My go-to guide for time-out is below. This chart allows you to understand the cycle of time-out. I promise you if you resort to this every time, your child will begin to decrease the amount of defiance. This provides your child with an environment of safety and consistency. 

Ultimately you as an adult decide what type of discipline strategies to use in the comforts of your home. I have seen my share fair of child-abuse cases to know that time-out is just an overall safe strategy. And that isn’t saying that those who choose spanking are abusers. The point is that we are teaching children that hitting is never okay, and there are more effective ways to get what you need.

Remember that your children, whether you’re using spankings or time-out, love you just the same. Your child wants to please you, but it is natural for our children to be in need of discipline. This is how children learn right from wrong, how to follow rules, and how to respect authority. 

We aren’t born with the understanding of how and why we see the world the way it is. Children’s brains develop in connection with the experiences parents expose them to. So when you’re considering how to use discipline, remember the messages you are sending and how you want those messages to be remembered.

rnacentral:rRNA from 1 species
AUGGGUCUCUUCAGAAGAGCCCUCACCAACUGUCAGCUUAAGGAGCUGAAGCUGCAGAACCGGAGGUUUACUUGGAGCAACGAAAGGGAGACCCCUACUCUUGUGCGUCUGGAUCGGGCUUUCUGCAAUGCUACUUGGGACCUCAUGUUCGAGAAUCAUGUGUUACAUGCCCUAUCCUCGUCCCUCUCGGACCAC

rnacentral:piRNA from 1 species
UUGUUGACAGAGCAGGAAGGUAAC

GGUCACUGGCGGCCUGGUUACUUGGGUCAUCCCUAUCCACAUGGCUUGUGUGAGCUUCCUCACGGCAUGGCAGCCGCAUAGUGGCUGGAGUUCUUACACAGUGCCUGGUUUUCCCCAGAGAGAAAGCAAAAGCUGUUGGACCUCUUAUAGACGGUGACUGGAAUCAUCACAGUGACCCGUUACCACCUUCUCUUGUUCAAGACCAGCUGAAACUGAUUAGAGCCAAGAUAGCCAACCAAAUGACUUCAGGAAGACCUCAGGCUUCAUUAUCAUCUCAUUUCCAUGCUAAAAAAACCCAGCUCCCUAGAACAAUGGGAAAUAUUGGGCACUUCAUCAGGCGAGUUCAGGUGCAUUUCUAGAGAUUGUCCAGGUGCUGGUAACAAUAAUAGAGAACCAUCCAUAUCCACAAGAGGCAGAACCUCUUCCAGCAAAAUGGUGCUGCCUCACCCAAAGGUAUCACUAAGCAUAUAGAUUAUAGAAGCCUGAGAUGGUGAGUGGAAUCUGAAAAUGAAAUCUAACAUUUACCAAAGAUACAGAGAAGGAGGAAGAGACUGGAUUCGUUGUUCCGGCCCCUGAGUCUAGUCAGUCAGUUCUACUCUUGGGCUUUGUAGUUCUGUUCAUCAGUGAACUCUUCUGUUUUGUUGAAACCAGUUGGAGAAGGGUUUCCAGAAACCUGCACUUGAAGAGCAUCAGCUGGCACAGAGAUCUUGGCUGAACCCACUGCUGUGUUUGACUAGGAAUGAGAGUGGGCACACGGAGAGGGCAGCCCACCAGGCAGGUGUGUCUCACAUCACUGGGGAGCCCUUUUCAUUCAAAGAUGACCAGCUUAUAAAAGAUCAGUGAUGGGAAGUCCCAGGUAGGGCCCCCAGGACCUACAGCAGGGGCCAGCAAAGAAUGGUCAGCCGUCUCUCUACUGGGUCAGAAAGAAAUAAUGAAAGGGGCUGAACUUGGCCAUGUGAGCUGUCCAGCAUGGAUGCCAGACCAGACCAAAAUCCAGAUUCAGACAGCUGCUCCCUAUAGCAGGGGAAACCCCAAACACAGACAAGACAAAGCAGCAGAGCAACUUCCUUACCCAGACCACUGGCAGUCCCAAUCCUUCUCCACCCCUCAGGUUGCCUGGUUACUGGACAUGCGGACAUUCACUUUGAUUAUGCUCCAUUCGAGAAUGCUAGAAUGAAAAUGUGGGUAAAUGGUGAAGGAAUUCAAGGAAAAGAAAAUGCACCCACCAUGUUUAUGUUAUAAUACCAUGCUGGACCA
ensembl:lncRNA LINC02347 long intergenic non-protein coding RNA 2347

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Brandy Wells is an early childhood mental health professional and independently licensed social worker residing in Columbus, Ohio. Her inspiration comes from her three beautiful daughters Kennedy (13), Karter (6), and Kaiza (3) who she raises with her life partner Maurice. For more on conscientious parenting, visit her website My Motherhood Magic, or follow her on Instagram and Facebook.